What can you say about the decidedly unlovely tarantulas of Skuon? Except that they aren't very lovely. Certainly, they are much prized in Cambodia – anyone who goes to Skuon is expected to bring back a bag of big roasted spiders for the kids. When told that these rancid, sugared arachnids are less than popular in the West, Cambodians are shocked and surprised. They find western cheese-eating equally repugnant, of course.

Water beetle

The people of the Isan region in north-east Thailand are fabled for their adventurous eating habits: one town north of Bangkok is renowned for selling huge baked forest rats around harvest time. But it's the insect-eating of Isan that is most striking: villagers go out at all hours to harvest many varieties of bugs. Big black water beetles, with their crackling, scrunchy moreishness, are regarded as a special delicacy. The legs get stuck between your teeth, though.


Again, these are served freshly roasted, and very salty, from the innumerable insect stalls dotted around Thailand's cities – especially near the red-light districts. A special feature of the crickets are the diaphanous and silvery wings, which, when mashed between the teeth, give the odd impression you are eating a recently microwaved fairy. Peter Pan would be appalled.


The humble ant is jam-packed with all kinds of vitamins and minerals; the only problem is that you have to eat an entire nest to get a decent meal. The taste is a little bit peppery and a little bit earthy, and the texture is a little bit scratchy. Only the bravest of the brave eat the inch-long queen; reports say that this seriously chewy creature has an extra oily "squidginess" all its own. Bon appétit.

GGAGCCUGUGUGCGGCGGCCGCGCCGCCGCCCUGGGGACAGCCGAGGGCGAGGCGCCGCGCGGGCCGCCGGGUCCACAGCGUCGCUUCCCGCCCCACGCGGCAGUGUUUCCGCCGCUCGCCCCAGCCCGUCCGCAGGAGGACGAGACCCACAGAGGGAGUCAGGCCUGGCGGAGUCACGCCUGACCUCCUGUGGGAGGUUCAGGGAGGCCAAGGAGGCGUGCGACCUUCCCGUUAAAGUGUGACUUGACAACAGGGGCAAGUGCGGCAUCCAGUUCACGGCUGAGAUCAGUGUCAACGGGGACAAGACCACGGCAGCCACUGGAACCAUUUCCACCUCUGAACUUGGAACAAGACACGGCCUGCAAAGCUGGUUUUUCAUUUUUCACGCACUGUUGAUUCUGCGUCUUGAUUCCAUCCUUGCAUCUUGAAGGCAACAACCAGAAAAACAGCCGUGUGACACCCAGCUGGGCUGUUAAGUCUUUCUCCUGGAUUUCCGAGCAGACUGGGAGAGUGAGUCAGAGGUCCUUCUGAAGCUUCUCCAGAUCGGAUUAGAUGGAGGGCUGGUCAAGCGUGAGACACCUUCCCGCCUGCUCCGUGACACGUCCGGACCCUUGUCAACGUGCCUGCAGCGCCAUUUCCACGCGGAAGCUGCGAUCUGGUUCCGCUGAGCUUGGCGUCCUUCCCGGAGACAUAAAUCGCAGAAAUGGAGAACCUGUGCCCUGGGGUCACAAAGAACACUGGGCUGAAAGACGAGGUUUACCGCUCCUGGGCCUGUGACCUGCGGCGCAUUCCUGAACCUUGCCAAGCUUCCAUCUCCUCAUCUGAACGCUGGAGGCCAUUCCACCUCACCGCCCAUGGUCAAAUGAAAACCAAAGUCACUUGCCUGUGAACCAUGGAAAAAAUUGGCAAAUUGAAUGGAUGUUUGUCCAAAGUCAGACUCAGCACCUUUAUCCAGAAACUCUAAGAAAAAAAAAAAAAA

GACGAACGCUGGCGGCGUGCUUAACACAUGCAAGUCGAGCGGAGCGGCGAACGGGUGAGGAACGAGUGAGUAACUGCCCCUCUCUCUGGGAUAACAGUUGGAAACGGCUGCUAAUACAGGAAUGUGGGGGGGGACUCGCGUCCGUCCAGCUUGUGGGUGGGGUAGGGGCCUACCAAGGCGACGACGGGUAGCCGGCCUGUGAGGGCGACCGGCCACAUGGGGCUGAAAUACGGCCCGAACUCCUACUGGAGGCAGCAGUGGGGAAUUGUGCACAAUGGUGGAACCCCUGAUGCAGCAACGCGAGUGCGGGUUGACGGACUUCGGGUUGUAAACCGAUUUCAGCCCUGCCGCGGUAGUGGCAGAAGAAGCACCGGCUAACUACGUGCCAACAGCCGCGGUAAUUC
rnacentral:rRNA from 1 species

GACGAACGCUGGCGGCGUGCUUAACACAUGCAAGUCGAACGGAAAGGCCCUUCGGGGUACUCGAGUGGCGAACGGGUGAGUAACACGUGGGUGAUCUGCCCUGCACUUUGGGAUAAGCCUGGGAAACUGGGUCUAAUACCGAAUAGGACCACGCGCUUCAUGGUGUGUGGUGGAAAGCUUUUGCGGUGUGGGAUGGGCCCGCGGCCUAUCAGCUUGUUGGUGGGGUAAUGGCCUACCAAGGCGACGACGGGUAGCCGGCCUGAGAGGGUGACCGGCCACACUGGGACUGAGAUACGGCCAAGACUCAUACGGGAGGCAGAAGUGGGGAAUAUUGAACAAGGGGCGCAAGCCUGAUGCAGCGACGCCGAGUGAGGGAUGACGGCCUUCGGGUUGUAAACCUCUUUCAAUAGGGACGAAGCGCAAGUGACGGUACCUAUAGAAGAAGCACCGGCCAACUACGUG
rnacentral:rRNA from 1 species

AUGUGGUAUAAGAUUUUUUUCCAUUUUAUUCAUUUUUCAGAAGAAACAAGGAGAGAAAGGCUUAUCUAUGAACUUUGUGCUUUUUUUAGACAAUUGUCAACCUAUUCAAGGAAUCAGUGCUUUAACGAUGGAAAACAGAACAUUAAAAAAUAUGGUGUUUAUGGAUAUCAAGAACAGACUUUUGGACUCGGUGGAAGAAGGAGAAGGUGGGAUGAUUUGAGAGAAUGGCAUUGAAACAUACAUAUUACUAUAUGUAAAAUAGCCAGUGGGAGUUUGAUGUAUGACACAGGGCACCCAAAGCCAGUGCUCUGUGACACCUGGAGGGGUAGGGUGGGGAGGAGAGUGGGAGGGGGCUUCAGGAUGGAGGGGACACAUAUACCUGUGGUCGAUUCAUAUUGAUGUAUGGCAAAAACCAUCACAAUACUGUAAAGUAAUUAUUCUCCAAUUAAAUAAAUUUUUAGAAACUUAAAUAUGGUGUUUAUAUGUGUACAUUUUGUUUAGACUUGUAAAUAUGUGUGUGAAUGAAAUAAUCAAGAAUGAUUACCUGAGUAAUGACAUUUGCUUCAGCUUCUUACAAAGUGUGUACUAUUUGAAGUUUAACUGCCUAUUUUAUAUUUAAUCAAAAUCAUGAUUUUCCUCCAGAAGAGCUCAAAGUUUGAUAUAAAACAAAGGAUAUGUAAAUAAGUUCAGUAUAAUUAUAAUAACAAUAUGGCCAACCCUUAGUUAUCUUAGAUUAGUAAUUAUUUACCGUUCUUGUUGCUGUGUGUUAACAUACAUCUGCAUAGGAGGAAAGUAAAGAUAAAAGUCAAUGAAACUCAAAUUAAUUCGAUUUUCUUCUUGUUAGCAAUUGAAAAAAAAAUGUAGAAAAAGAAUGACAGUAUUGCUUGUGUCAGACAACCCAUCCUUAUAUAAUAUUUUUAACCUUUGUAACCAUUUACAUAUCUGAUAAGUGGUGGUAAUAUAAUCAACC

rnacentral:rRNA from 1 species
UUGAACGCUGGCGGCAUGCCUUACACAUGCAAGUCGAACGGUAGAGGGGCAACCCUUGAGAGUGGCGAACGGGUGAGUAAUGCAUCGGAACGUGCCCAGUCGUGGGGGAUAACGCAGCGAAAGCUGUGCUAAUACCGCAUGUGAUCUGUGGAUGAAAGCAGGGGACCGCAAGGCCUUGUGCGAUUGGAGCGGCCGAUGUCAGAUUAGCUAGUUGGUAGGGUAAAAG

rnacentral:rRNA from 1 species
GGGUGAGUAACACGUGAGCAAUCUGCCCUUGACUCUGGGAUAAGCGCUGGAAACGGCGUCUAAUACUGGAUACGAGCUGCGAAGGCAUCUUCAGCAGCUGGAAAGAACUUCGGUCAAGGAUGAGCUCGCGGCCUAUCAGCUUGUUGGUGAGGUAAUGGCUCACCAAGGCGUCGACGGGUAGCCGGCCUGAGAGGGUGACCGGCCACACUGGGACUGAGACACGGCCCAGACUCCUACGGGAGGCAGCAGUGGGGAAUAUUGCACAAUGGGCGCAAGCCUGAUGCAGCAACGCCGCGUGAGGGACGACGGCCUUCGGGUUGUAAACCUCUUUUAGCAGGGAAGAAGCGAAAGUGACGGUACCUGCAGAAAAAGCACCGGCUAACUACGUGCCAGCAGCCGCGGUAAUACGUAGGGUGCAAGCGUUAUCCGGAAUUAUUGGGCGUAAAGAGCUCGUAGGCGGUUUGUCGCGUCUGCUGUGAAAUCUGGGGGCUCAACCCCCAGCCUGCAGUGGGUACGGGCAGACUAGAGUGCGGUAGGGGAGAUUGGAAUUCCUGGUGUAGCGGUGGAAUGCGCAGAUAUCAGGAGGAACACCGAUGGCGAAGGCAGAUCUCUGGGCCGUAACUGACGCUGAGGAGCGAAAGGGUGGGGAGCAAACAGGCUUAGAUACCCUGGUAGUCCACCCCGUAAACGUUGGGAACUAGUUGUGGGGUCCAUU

Snake has a strange flavour, somewhat like eating the leg of an aged hare, though it is somewhat stringier. Even nicer is snake egg – like consuming a small, greasy, yellow eyeball. Then there's snake heart and snake blood, much beloved of many Asian cultures, for the virility they are supposed to provide. Vietnamese eat the heart straight from the still-thrashing cadaver of the reptile.

Pig's uterus

Fresh, hot, steaming sow's womb is a must-try in the vivacious food markets of Indochina. The locals like to boil or steam it in steel pans, then slice it into delicate little circles somewhat like calamari, but much more worrying. The coils of uterine pig tissue have a texture somewhere between a rubber band and the spongy stuff that comes out of broken sofas; they are traditionally dipped in hot chilli for some extra flavour.

Dried frog

Various amphibians are downed in south-east Asia: you can find frogs, newts, salamanders and multicoloured toads which have been skinned, fried, battered and grilled, and otherwise cooked up a treat. Perhaps the most unpleasant preparation – to Western tastes – is the dried frog. Like eating a very small, chewy, unhygienic, dead mermaid.